A barrier to corruption

If an independent judiciary had been established, a new usurpation of power would have been impossible or very difficult. So make no mistake: the thing that is now dashingly handing out eight-, 15- and 20-year sentences to innocent people started to be built long before Putin. Now it is clear: no one in the Kremlin and the government of the 1990s wanted an independent court. That’s because such a court would have been a barrier to corruption, election fraud and the transformation of governors and mayors into irremovable princes.

I hate the “independent media” and the “democratic society” that provided full support for one of the most dramatic turning points in our new history — the fraudulent presidential election of 1996. Again, I was an active supporter of all this at the time. Not election fraud, of course — I wouldn’t have liked it even then, but I did my best to ignore it, and the general unfairness of the election didn’t embarrass me, not even for a minute Now we are paying for the fact that in 1996 we thought that election fraud was not always a bad thing. The end justified the means.

I hate oligarch [Vladimir] Gusinsky (even if he is no longer an oligarch) because he blatantly hired [Filipp] Bobkov, the deputy head of the KGB, who was responsible for persecuting dissidents. They thought it was a joke at the time: ha-ha, he put innocent people in jail, and now he works for me. Kind of like a bear in the livery. So not only was there no lustration, there was the encouragement of villains. Now, those people who worked for Bobkov as young employees are putting [opposition politician Ilya] Yashin, [opposition politician Vladimir] Kara-Murza and me in jail.

We often hear that the Yeltsin government could not do anything because they were opposed by the communists in Parliament. Nevertheless, this did not prevent the mortgage auctions of 1996, but for some reason, it prevented judicial reform and reform of the security services.

I hate the entire leadership of Russia, which in 1991 (after the putsch) and in 1993 (after the shelling of Parliament) had absolute power and did not even try to make obvious democratic reforms. For example, what was done in the Czech Republic (where there is now a democracy and an average salary of €1,760), Poland (democracy and an average salary of 1,680), Estonia (democracy and an average salary of 1,810), Lithuania (democracy and an average salary of 1,959) and other Eastern European countries. Of course, different people were in power then. Good people, honest and sincere too. However, the desperate and unsuccessful struggle of this tiny minority only shows us even better the corruption and shamelessness of the power elite back then.

It was not with Putin in 2011 but with Yeltsin, Chubais, oligarchs, and the entire Komsomol party gang that called themselves “democrats” that we went not to Europe, but to Central Asia in 1994. We exchanged our European future for the villas of “Tanya and Valya” on the “millionaires’ island” of St Barth. When Putin’s KGB/FSB officers got free access to political posts, they didn’t have to do anything. They just looked around and exclaimed in amazement: Wait, was that allowed? If the rules of the game are like this, so that it is possible to steal, lie, falsify, censor, and all courts are under our control, then we will have a pretty good turnaround here.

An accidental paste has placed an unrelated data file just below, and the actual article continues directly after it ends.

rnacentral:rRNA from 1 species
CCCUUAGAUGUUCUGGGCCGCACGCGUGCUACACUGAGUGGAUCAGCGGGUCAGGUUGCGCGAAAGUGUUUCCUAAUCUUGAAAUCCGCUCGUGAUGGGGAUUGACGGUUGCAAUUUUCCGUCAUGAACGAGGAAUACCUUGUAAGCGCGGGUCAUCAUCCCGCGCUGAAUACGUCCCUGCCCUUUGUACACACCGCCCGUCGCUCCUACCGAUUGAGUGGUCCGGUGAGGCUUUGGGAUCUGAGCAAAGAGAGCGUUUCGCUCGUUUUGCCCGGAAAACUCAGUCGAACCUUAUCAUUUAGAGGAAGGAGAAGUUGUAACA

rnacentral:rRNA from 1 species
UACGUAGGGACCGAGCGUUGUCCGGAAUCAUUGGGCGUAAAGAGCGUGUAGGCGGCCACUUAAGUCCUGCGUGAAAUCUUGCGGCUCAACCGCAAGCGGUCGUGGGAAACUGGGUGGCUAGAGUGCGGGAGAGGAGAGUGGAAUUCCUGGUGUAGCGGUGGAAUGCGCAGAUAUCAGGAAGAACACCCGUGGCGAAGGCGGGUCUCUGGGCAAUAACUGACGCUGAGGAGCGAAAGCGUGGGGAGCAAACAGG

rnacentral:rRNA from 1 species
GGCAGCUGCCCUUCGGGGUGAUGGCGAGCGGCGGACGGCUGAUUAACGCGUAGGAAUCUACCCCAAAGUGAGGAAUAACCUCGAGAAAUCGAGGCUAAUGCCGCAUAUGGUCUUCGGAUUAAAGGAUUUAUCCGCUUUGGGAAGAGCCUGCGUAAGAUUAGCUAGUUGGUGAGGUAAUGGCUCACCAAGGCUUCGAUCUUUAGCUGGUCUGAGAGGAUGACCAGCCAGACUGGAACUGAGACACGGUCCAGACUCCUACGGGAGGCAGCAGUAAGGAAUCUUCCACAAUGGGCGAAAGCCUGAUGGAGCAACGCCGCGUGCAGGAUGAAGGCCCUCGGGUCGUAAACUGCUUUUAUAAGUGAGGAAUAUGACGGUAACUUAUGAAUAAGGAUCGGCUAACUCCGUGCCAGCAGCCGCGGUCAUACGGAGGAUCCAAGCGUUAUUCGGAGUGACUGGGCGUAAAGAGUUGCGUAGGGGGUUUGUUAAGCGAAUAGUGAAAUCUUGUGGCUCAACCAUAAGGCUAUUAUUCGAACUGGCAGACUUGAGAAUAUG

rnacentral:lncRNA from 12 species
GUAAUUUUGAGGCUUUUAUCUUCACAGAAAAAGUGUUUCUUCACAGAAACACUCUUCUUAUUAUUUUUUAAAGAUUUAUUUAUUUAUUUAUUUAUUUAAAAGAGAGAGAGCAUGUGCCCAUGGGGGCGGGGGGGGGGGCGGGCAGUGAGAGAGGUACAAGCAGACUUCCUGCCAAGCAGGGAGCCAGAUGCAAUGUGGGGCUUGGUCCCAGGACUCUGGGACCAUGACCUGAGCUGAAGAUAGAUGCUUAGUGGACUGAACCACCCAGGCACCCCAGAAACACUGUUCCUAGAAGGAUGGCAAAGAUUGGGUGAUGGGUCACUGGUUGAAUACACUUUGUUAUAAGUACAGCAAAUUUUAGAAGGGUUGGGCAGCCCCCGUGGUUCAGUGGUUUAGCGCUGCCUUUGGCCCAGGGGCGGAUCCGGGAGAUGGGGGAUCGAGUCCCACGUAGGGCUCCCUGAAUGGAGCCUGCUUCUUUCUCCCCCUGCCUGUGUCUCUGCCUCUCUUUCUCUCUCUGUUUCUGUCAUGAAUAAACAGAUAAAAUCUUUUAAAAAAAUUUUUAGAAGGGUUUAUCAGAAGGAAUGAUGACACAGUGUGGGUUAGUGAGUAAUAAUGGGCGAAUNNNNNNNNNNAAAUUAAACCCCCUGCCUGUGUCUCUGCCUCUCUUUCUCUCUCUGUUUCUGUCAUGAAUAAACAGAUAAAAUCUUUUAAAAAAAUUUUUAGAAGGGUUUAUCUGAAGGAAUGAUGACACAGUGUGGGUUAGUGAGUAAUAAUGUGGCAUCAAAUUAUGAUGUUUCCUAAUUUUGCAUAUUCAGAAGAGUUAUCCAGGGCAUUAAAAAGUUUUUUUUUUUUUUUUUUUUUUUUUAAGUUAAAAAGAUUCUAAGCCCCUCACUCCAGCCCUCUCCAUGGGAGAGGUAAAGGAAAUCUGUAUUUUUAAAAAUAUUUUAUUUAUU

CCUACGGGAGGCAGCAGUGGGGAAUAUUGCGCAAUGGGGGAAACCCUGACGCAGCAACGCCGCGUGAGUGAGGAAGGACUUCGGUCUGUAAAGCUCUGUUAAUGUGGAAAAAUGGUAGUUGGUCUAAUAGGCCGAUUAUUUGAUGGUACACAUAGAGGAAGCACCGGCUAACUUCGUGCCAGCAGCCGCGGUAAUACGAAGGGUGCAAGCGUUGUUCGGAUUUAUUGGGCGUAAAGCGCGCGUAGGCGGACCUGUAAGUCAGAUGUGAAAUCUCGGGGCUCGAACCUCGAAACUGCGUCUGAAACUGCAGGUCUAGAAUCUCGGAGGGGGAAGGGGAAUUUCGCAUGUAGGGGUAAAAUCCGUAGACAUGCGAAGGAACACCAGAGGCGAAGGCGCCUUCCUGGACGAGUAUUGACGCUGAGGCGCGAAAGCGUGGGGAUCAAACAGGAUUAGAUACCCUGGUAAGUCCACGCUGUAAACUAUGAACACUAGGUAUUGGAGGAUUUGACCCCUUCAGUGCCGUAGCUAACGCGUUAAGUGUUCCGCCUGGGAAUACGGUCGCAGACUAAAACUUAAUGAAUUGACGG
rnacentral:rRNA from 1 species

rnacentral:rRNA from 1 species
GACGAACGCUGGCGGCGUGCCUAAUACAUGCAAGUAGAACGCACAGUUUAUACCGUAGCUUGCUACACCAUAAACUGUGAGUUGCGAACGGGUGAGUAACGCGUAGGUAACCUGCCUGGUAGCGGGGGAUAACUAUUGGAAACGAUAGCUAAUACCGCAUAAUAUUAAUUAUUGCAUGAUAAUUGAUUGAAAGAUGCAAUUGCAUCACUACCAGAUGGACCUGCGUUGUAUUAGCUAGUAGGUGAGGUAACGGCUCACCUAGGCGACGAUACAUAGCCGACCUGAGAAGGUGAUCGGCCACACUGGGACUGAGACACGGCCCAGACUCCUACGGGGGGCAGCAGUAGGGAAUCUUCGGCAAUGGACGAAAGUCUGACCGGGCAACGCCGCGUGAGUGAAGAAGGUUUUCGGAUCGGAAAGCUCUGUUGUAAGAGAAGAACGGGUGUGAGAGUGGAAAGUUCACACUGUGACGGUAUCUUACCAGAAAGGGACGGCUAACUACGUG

We let the goat into the cabbage warehouse, and then we wonder why it ate all the cabbage. It is a goat, its mission and goal is to eat cabbage, it can’t think of anything else. It is useless to agitate him. Similarly, Putin’s FSB officials can’t think of anything else but to build a huge house and imprison those they don’t like. I can’t stand the goat, but I hate those who let it into the cabbage warehouse. 

Read more in Meduza here.

My greatest fear

Though, of course, I realise that it’s better to not hate anyone at all, but to think about how not to do it again. Here comes my greatest fear: I don’t just believe, I know that Russia still has a chance. This is a historical process. We will again be at a crossroads.

In horror and cold sweat, I jump up in my bunk at night, when I think that we had a chance again, but again went the same way as in the 1990s. Following the “end justifies the means” sign. Where it is written in small letters: “Faking elections is not always a bad thing,” “Look at these people, what kind of juries are they?”, “It doesn’t matter that he is a thief — he is a technocrat and stands up for bicycle lanes,” “Give these people a free hand, they will choose anything they want,” “The government is still the only European in Russia,” and other wisdom of enlightened authoritarianism.

What I have written about the 1990s is not a historical exercise, reflection or meaningless complaining. It is the most important and urgent issue of political strategy for all supporters of the European path and democratic development.

I was impressed by the large collection of different opinions about our investigation of [former Echo of Moscow radio chief Alexey] Venediktov and [former presidential candidate and media personality Ksenia] Sobchak. They received hundreds of millions of roubles from the budget fund, which served as a common fund for the United Russia party. Venediktov received 550 million right at the time when he was in charge of the observation headquarters and directly organised the theft of votes. He was the face, the agitator and the monitor of electronic voting, the purpose of which is to take your vote and put it in the stack of the United Russia party’s candidate.